Note: this page has been revamped because I was spending too much space whining about myself and not enough space talking about what matters. I apologize for the confusion, but it’s all a part of shedding the false self and embracing who I really am in God.
I am convinced that the ways that God works in our world would explode our brain if we knew them all. The Holy Spirit works in the hearts and minds of people who aren’t even aware of it, who aren’t even praying for it. Who aren’t praying at all. Who don’t pray. I believe God works people who aren’t even devout. How else would we ever come to him?
I have spent a lot of time compartmentalizing God, remaking him in my own image. It’s human nature, I think, for us to try to make big concepts into bite-sized ones so that we can wrap our minds around them. Of those concepts, God is paramount. I believe the challenge before us is to prevent ourselves from making God smaller for our comfort, sanitizing him to make things make more sense. This has become my ongoing personal mandate.
Some time ago, I also became aware of that I was phoning in my own spiritual journey. Really, I wasn’t on one. I realized that I was putting a lot of stock in my pastor coming up with good ideas and communicating them to me on Sunday morning, so I stopped doing that. I started reading. I started listening to other voices. It started changing me.
I discovered Richard Rohr, Thomas Merton, Brian Zahnd, Francis Chan (not just the small group chatter, but his personal challenges), David Platt, Julian of Norwich, and Francis of Assisi. I stopped dismissing people whose faith traditions differed from my own. Thanks to Rohr, I started to learn that you can actually listen to people you don’t agree with, even take truth from the kernels you find when you don’t cut them off in mid-sentence. I started relearning love in a way that was internal to me instead of abstract ideas outside of me. I have also learned that becoming who God made you is often less about adding things and more about subtracting them. I have become well-acquainted with this divine subtraction; not through some disastrous catastrophe that rends things from my hands, but through my own purposed release of the need to own and control things. I realized, somewhat slowly, that the root of materialism and control is fear. Fear that there won’t be enough, fear that we will be overlooked or undervalued. Fear despite living among a people of great prosperity. I believe that coming closer to the reality of God has steadily released me from fear. Just as 1 John 4:18 says: “Love expels fear.”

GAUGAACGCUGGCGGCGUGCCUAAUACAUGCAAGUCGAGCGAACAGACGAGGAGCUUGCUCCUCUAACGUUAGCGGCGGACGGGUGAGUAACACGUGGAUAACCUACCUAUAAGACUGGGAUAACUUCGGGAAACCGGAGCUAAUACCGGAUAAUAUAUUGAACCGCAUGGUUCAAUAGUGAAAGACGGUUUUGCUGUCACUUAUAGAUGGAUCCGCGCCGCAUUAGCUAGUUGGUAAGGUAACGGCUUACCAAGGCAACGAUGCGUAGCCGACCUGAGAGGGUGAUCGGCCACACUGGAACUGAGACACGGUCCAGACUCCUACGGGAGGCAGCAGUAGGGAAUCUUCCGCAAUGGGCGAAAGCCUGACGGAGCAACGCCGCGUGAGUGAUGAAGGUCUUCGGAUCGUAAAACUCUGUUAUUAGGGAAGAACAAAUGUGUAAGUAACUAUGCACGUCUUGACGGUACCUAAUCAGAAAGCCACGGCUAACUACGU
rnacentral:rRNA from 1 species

I became a follower of Christ when I was very young. I was raised Baptist, have ties to Methodists, attended a couple non-denominational churches, and am currently at a church with roots to the Pentecostals. I have been fired from a church for failure to live up to professional expectations. I have been hurt by churches. I have decided twice that I would quit church altogether but never really have. God seems to hold me closer in times where I find myself an outsider. I am desperately trying to see the Church (the whole Church) through his eyes, constantly reminding myself that people are imperfect but he still expects us to unite under his banner. I love the Church. Amazing things can happen when we embrace our identity.
I recognize that I am one voice, and I do not have delusions that mine is any more important than any others. I hold my own battered past, washed in the righteousness of Christ, as proof that I am a work in progress. I cling to the Artisan.